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Military officials offer few details in Pearl Harbor fatal shooting; motive still unknown

  • Video by Leila Fujimori / lfujimori@staradvertiser.com

    Watch a Facebook live video of a news conference about the shipyard shooting.

  • DENNIS ODA / DODA@STARADVERTISER.COM
                                Rear Admiral Robb Chadwick, commander of Navy Region Hawaii, (at the podium) discusses Wednesday’s fatal shooting at the Pearl Harbor Naval Shipyard during a news conference this morning at the Federal Fire Department headquarters near Pearl Harbor.

    DENNIS ODA / DODA@STARADVERTISER.COM

    Rear Admiral Robb Chadwick, commander of Navy Region Hawaii, (at the podium) discusses Wednesday’s fatal shooting at the Pearl Harbor Naval Shipyard during a news conference this morning at the Federal Fire Department headquarters near Pearl Harbor.

Top Navy and law enforcement officials expressed their condolences to the families of the victims of Wednesday’s shooting at Pearl Harbor Naval Shipyard that left three dead, but provided few details during a news conference this morning about the incident which remains under investigation.

While the media has reported that the shooter, Gabriel Antonio Romero, 22, had been facing disciplinary action, Navy officials refused to comment on those reports other than to say it was something they were investigating.

Romero was on active duty when he opened fire on civilian workers using his service weapon at about 2:15 p.m. on Wednesday. Within about 23 seconds, Romero had shot three people before turning his gun on himself, said officials.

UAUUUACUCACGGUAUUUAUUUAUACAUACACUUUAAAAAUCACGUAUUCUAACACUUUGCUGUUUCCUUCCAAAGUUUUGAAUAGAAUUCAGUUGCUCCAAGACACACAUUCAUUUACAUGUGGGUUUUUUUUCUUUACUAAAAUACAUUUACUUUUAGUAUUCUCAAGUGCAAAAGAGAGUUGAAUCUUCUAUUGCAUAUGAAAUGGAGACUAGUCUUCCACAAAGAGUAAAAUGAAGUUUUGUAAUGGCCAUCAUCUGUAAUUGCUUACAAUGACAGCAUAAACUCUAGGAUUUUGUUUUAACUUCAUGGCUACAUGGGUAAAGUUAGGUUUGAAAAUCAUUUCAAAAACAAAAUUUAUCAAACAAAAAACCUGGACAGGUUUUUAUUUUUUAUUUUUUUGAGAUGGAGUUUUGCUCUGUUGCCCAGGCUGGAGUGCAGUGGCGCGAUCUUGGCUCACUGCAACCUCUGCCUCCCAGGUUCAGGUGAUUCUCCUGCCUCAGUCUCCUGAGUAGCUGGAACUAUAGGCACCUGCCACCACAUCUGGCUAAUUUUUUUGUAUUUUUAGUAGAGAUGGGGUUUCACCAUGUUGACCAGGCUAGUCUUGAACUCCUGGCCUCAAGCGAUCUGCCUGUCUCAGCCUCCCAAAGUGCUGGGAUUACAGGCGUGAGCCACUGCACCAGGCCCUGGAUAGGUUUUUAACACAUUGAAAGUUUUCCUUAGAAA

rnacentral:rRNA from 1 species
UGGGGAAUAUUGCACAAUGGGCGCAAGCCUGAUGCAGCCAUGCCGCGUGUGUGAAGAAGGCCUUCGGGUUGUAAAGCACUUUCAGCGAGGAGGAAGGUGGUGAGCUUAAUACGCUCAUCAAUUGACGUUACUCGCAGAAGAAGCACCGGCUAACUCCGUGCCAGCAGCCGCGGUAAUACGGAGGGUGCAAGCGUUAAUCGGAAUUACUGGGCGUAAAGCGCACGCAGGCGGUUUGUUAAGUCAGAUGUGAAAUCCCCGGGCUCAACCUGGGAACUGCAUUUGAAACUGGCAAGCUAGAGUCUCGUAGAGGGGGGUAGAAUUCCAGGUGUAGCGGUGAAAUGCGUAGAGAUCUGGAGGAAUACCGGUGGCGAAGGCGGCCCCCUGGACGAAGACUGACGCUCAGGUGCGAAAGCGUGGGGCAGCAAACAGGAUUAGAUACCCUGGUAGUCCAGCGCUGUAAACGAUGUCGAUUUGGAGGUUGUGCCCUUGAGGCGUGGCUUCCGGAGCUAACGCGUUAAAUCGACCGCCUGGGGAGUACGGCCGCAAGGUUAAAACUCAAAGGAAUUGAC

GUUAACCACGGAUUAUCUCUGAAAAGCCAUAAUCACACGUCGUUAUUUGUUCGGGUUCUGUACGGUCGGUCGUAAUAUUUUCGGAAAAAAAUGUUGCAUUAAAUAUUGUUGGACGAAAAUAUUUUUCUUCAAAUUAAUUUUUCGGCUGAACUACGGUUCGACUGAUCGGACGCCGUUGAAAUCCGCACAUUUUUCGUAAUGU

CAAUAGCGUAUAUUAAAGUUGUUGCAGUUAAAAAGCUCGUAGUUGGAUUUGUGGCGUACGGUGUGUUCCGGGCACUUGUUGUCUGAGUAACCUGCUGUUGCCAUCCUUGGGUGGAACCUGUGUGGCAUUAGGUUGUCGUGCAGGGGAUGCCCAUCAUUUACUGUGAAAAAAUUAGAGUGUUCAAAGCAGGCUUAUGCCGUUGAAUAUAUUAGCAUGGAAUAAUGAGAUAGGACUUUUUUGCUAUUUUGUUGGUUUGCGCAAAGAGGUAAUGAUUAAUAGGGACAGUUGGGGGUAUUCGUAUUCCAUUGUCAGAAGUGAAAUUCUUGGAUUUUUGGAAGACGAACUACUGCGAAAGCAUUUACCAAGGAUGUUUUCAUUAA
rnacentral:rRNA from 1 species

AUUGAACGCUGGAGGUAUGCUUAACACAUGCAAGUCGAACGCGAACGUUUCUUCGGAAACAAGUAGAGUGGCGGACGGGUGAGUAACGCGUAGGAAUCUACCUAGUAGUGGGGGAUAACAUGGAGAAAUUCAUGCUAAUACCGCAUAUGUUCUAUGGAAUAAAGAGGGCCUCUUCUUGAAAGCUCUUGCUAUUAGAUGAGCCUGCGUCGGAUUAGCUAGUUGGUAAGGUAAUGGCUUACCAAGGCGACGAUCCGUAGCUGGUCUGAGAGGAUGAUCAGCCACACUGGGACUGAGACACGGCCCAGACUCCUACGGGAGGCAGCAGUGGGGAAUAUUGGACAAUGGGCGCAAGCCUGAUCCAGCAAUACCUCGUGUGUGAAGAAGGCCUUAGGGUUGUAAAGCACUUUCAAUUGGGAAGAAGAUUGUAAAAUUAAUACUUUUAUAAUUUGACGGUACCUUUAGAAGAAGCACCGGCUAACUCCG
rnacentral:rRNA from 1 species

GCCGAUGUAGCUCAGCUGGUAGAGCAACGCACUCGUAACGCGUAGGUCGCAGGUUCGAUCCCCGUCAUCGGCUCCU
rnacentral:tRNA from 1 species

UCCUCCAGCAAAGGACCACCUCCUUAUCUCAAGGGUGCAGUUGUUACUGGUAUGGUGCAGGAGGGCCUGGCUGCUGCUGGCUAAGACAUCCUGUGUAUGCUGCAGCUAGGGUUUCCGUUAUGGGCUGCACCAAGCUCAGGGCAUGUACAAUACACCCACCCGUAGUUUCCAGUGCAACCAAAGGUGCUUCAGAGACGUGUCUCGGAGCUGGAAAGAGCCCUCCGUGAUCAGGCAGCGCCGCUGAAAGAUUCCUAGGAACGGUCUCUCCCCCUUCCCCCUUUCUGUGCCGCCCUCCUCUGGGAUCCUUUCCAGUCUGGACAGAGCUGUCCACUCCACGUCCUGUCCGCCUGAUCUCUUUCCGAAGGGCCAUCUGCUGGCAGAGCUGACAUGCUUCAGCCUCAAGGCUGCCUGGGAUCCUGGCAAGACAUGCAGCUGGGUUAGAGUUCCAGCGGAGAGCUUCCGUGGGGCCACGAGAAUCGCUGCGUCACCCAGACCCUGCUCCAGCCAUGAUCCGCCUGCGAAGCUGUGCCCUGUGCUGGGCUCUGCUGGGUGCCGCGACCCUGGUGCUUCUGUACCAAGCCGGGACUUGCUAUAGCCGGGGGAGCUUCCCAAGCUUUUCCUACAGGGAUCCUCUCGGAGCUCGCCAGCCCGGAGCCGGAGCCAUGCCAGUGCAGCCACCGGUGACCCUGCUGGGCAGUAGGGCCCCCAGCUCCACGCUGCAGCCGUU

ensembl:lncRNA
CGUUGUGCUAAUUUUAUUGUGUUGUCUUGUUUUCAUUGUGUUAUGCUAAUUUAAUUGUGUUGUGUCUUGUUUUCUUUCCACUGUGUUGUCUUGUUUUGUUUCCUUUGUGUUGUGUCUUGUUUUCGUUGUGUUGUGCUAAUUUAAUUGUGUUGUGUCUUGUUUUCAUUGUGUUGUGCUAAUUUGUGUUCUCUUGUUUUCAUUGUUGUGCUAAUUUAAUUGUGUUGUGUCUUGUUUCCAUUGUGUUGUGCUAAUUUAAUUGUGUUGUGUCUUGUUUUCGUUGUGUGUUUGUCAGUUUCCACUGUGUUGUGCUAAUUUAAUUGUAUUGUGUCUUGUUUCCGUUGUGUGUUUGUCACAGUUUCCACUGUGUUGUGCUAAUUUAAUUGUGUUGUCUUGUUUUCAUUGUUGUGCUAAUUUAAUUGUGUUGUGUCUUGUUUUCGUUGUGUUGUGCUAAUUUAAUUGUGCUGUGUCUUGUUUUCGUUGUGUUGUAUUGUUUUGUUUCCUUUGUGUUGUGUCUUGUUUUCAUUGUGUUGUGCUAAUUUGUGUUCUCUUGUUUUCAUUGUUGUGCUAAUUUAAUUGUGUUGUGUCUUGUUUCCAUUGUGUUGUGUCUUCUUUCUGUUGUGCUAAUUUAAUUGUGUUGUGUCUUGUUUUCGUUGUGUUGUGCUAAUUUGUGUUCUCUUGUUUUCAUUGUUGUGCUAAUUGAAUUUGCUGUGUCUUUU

>> SEE ALSO: Medical examiner releases IDs of Pearl Harbor shooting victims, gunman

He was armed for his job standing watch and providing security for the submarine USS Columbia, which is at Joint Base Pearl Harbor-Hickam for maintenance, officials said.

Romero died at the scene. Two of his victims died, while another remains in stable condition.

Evidence has been collected from Romero’s vehicle and barrack’s room, said Rear Admiral Robert Chadwick, commander of Navy Region Hawaii.

He said investigators are looking at his electronic media to try to determine a motive for the shooting.

Those killed in the shooting include:

>> Vincent J. Kapoi, 30 of Hawaii. Kapoi was a metals inspector apprentice at the shipyard

>> Roldan A. Agustin, 49, of Hawaii. Agustin was a shop planner at the shipyard

“I’d like to express my sincere condolences to the family members and friends of the deceased after Wednesday’s tragic events,” said Kenji Price, U. S. Attorney for the District of Hawaii. “I know that this atrocity will leave scars in the hearts of many. Our Navy, the state of Hawaii and the country as a whole will be left with memories of innocent lives lost and a state of emptiness that will permeate our hearts.”

Military officials said there’s no evidence of domestic terrorism in the shooting.

A shooting today at the Naval Air Station Pensacola is being investigated as possible terrorism. Authorities said that Mohammed Saeed Alshamrani, a member of the Saudi military and an aviation student at the Florida base, opened fire in a classroom this morning, killing three people and injuring several more. The shooter also died in the attack.


The Associated Press contributed to this report.


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